The first half of the program closed with Mealor’s splendid setting of the liturgical text Salvator mundi (“Savior of the world”), in which a solo mixed quartet sang a highly ornamented version of the text about Christ’s redemption of the world through his crucifixion, above the main choir’s slow-moving setting. The solo quartet were required to sing in extremes of tessitura, with florid ornamentation reminiscent of middle eastern chant. The music becomes increasingly impassioned, with ever more urgent appeals to the savior of the world. The tension relaxes, and there is a brief soprano solo passage that evokes a folk song, with one more quiet imploration: Salvator mundi.

Following intermission, there was more Russian music (Rachmaninoff, Chesnokov, and a lovely setting of the Lord’s Prayer by Nikolay Kedrov), and Arvo Pärt’s striking setting of The Beatitudes, with its densely tangled voice leading and accompaniment of single pedal tones in the organ, until the final half-verse of the Beatitudes, “for so persecuted they the prophets which were before you. Amen,” at which the full organ enters to accompany the “amen” with huge block chords and then continues with brilliant toccata-like flourishes that gradually fade away to silence.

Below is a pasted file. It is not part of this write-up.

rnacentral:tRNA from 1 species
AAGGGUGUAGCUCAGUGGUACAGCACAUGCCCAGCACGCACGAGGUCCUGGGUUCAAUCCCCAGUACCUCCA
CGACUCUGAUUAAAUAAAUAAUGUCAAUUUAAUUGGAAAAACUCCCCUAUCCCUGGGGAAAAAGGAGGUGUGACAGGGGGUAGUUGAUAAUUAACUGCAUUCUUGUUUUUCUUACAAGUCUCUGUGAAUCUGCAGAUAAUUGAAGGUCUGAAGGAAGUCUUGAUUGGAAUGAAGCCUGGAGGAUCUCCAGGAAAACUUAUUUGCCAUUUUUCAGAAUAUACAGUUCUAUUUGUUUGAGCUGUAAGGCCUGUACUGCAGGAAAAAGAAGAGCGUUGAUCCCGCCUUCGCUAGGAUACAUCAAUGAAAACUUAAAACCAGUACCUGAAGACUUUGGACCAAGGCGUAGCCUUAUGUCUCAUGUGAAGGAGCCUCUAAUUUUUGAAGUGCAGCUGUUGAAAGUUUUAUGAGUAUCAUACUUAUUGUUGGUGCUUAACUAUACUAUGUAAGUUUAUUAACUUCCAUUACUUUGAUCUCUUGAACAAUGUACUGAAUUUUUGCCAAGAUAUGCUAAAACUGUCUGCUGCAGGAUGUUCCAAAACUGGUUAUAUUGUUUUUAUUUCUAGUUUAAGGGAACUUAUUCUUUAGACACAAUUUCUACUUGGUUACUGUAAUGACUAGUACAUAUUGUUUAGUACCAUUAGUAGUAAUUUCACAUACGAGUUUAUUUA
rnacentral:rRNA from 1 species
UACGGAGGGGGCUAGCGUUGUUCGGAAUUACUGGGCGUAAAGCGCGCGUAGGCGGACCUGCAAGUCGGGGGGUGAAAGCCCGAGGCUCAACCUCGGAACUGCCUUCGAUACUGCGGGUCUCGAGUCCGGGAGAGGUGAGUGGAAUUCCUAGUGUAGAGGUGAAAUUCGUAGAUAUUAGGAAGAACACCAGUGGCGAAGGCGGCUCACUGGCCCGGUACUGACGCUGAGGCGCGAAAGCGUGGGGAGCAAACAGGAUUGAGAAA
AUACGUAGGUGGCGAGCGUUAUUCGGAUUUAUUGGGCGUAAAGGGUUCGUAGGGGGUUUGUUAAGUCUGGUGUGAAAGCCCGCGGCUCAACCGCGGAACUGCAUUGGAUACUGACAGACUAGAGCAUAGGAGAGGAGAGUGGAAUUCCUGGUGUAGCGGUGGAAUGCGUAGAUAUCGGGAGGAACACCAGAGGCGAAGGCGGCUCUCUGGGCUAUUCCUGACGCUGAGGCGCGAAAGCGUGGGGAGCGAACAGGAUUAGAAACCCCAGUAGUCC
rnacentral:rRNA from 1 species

Paul Mealor’s works also figured in the second half: settings of more liturgical texts, Locus iste a Deo factus est (“This place was made by God”) and the royal wedding setting of Ubi caritas (“Where charity and love are, God is there”), with its evocation of the Gregorian chant Ubi caritas. Locus iste seems at face value more approachable than some of Mealor’s other works, and features an interpolated English sentence, referring to the church, “O flawless hallow, O seamless love, lantern of stone, unbroken.” The last word of the text Santuario (“Sanctuary”) is set to a complex bitonal chord, which leaves the listener unsettled. Ubi caritas is an arresting alternative to Maurice Duruflé’s famous arrangement of the Gregorian chant and text. It should have wide appeal to many choirs.

Perhaps the high point of the concert for this listener was Tenebrae’s performance of Rachmaninoff’s setting of the Nunc dimittis (“Lord, now lettest thou thy servant depart in peace”) from the Vespers, for high solo tenor, with the other voices weaving a choral tapestry around him. It was breathtakingly beautiful. One would be hard pressed to imagine a better performance.

In a program with a great deal of unfamiliar music, Tchaikovsky’s well-known Legend (“The Crown of Roses”) was a pleasing treat, sung in English.

After a closing selection from the Rachmaninoff Vespers, Tenebrae offered a touching encore, Mr. Short’s own arrangement of the American Civil War folk song, The Dying Soldier, with a baritone solo singing the tune, and a mostly wordless chorus carrying the harmony. Even a hardened listener found himself wiping a tear from his eye by the end.


Published on November 13, 2012